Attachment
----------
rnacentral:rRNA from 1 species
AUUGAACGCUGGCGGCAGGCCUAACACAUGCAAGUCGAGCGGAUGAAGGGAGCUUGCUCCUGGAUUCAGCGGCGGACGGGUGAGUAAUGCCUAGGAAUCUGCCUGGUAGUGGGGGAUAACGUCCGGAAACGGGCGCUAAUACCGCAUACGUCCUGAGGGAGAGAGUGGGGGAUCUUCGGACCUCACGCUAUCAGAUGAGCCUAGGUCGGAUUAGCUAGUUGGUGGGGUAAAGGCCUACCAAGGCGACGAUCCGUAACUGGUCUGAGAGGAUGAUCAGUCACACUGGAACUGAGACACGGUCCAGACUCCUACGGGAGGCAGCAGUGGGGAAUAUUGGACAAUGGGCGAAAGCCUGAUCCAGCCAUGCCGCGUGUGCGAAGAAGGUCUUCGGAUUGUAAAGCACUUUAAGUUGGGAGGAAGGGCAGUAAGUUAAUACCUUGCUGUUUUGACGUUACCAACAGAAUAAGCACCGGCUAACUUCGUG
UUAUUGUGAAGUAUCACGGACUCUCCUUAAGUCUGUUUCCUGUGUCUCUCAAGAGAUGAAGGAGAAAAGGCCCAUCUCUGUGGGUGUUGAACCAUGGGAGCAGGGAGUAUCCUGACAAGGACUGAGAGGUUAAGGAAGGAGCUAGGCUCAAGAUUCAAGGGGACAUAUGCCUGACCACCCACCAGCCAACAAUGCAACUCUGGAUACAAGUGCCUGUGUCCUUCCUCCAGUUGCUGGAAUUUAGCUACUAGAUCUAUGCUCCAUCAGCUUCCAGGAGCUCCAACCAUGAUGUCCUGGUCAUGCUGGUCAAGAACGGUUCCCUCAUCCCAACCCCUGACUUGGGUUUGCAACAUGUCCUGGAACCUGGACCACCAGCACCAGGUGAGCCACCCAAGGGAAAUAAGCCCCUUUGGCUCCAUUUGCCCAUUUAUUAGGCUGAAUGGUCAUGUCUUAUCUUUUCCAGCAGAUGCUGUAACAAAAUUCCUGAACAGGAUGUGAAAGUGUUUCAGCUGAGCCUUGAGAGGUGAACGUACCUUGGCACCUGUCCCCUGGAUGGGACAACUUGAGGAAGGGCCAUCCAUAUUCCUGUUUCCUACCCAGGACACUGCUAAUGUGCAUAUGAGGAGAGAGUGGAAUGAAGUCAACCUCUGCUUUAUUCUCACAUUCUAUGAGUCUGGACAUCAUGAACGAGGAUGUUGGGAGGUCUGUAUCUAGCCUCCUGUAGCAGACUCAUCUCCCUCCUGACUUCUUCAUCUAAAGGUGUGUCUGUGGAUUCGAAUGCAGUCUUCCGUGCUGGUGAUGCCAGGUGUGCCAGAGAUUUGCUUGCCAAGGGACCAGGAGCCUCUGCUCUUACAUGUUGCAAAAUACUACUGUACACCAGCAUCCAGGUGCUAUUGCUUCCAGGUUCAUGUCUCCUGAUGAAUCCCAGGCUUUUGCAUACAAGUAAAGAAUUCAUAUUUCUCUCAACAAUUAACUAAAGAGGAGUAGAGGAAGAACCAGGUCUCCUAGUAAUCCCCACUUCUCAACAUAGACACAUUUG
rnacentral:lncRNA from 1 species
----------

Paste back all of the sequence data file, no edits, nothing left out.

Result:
rnacentral:rRNA from 1 species
AUUGAACGCUGGCGGCAGGCCUAACACAUGCAAGUCGAGCGGAUGAAGGGAGCUUGCUCCUGGAUUCAGCGGCGGACGGGUGAGUAAUGCCUAGGAAUCUGCCUGGUAGUGGGGGAUAACGUCCGGAAACGGGCGCUAAUACCGCAUACGUCCUGAGGGAGAGAGUGGGGGAUCUUCGGACCUCACGCUAUCAGAUGAGCCUAGGUCGGAUUAGCUAGUUGGUGGGGUAAAGGCCUACCAAGGCGACGAUCCGUAACUGGUCUGAGAGGAUGAUCAGUCACACUGGAACUGAGACACGGUCCAGACUCCUACGGGAGGCAGCAGUGGGGAAUAUUGGACAAUGGGCGAAAGCCUGAUCCAGCCAUGCCGCGUGUGCGAAGAAGGUCUUCGGAUUGUAAAGCACUUUAAGUUGGGAGGAAGGGCAGUAAGUUAAUACCUUGCUGUUUUGACGUUACCAACAGAAUAAGCACCGGCUAACUUCGUG
UUAUUGUGAAGUAUCACGGACUCUCCUUAAGUCUGUUUCCUGUGUCUCUCAAGAGAUGAAGGAGAAAAGGCCCAUCUCUGUGGGUGUUGAACCAUGGGAGCAGGGAGUAUCCUGACAAGGACUGAGAGGUUAAGGAAGGAGCUAGGCUCAAGAUUCAAGGGGACAUAUGCCUGACCACCCACCAGCCAACAAUGCAACUCUGGAUACAAGUGCCUGUGUCCUUCCUCCAGUUGCUGGAAUUUAGCUACUAGAUCUAUGCUCCAUCAGCUUCCAGGAGCUCCAACCAUGAUGUCCUGGUCAUGCUGGUCAAGAACGGUUCCCUCAUCCCAACCCCUGACUUGGGUUUGCAACAUGUCCUGGAACCUGGACCACCAGCACCAGGUGAGCCACCCAAGGGAAAUAAGCCCCUUUGGCUCCAUUUGCCCAUUUAUUAGGCUGAAUGGUCAUGUCUUAUCUUUUCCAGCAGAUGCUGUAACAAAAUUCCUGAACAGGAUGUGAAAGUGUUUCAGCUGAGCCUUGAGAGGUGAACGUACCUUGGCACCUGUCCCCUGGAUGGGACAACUUGAGGAAGGGCCAUCCAUAUUCCUGUUUCCUACCCAGGACACUGCUAAUGUGCAUAUGAGGAGAGAGUGGAAUGAAGUCAACCUCUGCUUUAUUCUCACAUUCUAUGAGUCUGGACAUCAUGAACGAGGAUGUUGGGAGGUCUGUAUCUAGCCUCCUGUAGCAGACUCAUCUCCCUCCUGACUUCUUCAUCUAAAGGUGUGUCUGUGGAUUCGAAUGCAGUCUUCCGUGCUGGUGAUGCCAGGUGUGCCAGAGAUUUGCUUGCCAAGGGACCAGGAGCCUCUGCUCUUACAUGUUGCAAAAUACUACUGUACACCAGCAUCCAGGUGCUAUUGCUUCCAGGUUCAUGUCUCCUGAUGAAUCCCAGGCUUUUGCAUACAAGUAAAGAAUUCAUAUUUCUCUCAACAAUUAACUAAAGAGGAGUAGAGGAAGAACCAGGUCUCCUAGUAAUCCCCACUUCUCAACAUAGACACAUUUG
rnacentral:lncRNA from 1 species